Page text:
From the Wisconsin United Methodist Foundation or Facebook/ - 1-888-903-9863

The Paradox of Generosity - July 2017

 “for during a severe ordeal of affliction, their abundant joy and their extreme poverty have overflowed in a wealth of generosity on their part.” (2 Corinthians 8:2b)

Extreme poverty overflowing into a wealth of generosity is another of those grace-filled paradoxes we find in Scripture: those who humble themselves will be exalted, those who lose their life for my sake will find it, blessed are the poor in spirit, for theirs is the Kingdom of Heaven.

Sometimes we United Methodists act as if, while struggling to make ends meet in our churches, we are suffering a “severe ordeal of affliction.” Nothing could be farther from the truth. In 2016, the 35,231 United Methodist households in Wisconsin were blessed with incomes totaling about $2.5 billion. Even assuming we put away ten percent of that for retirement, college educations, etc., the tithe on our remaining earnings should be about $172 million. Instead, in 2016, we gave just over $52 million, about 3%. Our wallets are not afflicted, but our faith may be. Our paradox is though blessed with much, we withhold much.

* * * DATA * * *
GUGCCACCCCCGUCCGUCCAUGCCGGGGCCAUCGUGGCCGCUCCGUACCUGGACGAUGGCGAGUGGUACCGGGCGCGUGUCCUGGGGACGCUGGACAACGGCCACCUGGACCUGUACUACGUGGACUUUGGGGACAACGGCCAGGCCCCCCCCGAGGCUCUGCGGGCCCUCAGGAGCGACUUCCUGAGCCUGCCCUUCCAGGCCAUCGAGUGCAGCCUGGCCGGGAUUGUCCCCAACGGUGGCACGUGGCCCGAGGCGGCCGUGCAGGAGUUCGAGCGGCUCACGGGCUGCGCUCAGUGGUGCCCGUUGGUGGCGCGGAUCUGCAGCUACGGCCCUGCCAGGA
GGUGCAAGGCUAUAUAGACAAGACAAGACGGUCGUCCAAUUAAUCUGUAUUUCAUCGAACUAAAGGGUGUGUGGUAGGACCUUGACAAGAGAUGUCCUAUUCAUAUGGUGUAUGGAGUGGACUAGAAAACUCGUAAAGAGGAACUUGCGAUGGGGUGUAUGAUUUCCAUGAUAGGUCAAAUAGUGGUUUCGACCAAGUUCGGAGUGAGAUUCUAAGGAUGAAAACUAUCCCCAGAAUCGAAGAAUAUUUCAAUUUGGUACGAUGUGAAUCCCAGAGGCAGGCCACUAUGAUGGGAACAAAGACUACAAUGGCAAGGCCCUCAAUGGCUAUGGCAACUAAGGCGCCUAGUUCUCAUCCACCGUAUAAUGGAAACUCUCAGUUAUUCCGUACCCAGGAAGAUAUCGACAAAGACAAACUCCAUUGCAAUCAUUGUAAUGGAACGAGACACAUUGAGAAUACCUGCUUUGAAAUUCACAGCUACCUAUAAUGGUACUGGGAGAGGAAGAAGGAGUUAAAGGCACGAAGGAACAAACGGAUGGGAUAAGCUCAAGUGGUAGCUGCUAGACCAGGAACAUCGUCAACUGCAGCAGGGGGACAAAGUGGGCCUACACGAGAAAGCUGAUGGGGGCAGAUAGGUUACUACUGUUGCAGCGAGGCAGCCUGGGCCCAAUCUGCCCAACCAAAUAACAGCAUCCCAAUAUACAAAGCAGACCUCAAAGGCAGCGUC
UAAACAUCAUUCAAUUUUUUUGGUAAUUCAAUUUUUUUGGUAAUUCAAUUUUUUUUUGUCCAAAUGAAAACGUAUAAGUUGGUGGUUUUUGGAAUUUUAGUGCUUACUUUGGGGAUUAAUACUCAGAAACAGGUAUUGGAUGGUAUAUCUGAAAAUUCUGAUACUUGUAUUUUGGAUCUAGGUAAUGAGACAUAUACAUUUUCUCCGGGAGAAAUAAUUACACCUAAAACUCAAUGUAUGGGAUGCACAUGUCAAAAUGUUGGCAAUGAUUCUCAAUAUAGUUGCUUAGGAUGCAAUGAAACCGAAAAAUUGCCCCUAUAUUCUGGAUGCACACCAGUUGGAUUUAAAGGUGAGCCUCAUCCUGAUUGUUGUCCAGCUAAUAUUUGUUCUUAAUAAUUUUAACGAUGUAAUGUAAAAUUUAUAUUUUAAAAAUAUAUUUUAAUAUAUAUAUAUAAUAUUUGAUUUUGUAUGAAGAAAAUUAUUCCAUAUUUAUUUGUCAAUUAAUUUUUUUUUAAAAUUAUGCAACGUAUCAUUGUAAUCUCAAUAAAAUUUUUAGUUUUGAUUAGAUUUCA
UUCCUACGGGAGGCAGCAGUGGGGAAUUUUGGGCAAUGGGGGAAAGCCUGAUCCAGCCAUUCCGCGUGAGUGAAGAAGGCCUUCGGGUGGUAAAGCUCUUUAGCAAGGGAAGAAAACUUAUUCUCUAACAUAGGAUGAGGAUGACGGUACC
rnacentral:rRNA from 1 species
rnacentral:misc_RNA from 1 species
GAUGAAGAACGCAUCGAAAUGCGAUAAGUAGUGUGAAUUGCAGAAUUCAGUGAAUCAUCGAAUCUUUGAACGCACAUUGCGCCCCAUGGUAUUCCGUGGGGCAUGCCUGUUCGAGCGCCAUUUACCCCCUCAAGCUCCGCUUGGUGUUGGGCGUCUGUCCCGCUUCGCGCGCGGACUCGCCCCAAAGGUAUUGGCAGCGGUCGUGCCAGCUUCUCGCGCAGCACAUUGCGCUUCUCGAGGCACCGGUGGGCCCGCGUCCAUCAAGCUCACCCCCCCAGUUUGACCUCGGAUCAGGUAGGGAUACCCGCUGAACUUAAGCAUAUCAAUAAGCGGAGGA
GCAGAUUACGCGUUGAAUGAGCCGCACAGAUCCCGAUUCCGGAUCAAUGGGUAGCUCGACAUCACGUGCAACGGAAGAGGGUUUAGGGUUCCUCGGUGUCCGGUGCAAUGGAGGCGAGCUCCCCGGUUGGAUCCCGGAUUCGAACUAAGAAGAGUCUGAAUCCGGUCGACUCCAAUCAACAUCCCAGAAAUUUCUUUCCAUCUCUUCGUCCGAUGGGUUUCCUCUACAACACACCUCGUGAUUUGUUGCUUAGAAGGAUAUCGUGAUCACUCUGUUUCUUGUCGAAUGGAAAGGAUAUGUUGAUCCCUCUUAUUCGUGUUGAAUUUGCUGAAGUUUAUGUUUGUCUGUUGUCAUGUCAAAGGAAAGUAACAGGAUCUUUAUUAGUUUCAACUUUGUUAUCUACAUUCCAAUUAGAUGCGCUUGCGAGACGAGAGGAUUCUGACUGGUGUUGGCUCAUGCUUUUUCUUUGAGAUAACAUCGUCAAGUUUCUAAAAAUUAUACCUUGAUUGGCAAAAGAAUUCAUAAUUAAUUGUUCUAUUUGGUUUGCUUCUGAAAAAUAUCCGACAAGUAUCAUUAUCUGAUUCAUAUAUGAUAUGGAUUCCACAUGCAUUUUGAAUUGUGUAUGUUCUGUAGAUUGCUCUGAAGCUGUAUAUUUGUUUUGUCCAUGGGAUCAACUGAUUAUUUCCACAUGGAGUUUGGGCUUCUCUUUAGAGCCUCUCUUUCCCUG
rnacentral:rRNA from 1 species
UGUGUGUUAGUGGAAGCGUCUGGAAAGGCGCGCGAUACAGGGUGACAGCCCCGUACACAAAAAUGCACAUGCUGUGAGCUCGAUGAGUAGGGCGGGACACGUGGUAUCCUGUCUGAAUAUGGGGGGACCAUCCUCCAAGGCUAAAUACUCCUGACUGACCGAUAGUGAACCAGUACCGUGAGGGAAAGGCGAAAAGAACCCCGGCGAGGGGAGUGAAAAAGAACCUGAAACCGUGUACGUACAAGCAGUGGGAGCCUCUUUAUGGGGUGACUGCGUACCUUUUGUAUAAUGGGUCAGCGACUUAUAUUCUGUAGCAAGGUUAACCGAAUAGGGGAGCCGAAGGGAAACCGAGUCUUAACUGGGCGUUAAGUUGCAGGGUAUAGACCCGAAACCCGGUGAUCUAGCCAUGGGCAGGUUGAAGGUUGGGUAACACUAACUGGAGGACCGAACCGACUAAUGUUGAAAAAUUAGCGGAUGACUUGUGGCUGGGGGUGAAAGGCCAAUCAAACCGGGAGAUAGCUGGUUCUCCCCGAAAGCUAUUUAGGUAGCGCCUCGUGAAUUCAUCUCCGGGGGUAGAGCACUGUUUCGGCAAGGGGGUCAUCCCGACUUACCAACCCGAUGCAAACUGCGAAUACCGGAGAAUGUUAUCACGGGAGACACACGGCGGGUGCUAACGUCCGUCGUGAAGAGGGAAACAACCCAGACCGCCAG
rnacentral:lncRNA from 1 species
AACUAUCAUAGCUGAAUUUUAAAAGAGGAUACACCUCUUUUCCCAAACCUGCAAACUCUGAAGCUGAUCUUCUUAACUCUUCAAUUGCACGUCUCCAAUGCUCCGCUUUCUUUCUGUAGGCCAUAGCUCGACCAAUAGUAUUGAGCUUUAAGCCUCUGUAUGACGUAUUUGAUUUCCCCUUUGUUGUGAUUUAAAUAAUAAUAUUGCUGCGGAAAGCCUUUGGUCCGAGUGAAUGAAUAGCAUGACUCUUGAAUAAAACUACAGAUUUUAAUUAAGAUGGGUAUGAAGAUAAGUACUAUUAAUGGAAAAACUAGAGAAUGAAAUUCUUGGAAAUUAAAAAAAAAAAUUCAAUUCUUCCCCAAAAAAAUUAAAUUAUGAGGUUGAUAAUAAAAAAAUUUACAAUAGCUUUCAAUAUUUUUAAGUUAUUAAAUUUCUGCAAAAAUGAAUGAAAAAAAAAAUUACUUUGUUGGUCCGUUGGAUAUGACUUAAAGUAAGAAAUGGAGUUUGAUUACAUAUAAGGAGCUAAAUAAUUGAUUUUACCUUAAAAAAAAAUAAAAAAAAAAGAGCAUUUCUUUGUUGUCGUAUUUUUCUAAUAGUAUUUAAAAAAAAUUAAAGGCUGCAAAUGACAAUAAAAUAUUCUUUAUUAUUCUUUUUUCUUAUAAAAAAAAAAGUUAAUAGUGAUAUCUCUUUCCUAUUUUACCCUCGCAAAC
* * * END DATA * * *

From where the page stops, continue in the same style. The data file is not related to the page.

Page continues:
What would we be able to achieve if we tithed? In addition to “paying the bills,” each church could feed the hungry in its community, support overseas missionaries, sponsor and provide scholarships for Volunteer in Mission trips around the world, provide tutoring after school, build a youth center, create a multi-platform communication system that provides your community with access to sermons & Christian education, and hire staff to develop, organize and manage all these activities.

And, consider this. As we start doing so much more in the community, our congregations will grow in both membership and attendance as well. When these new and newly revived members model their giving on your example, they will increase the church's capacity for good even more. Now that is Stewardship!

Jim Wells, Wisconsin United Methodist Foundation

Sue Koch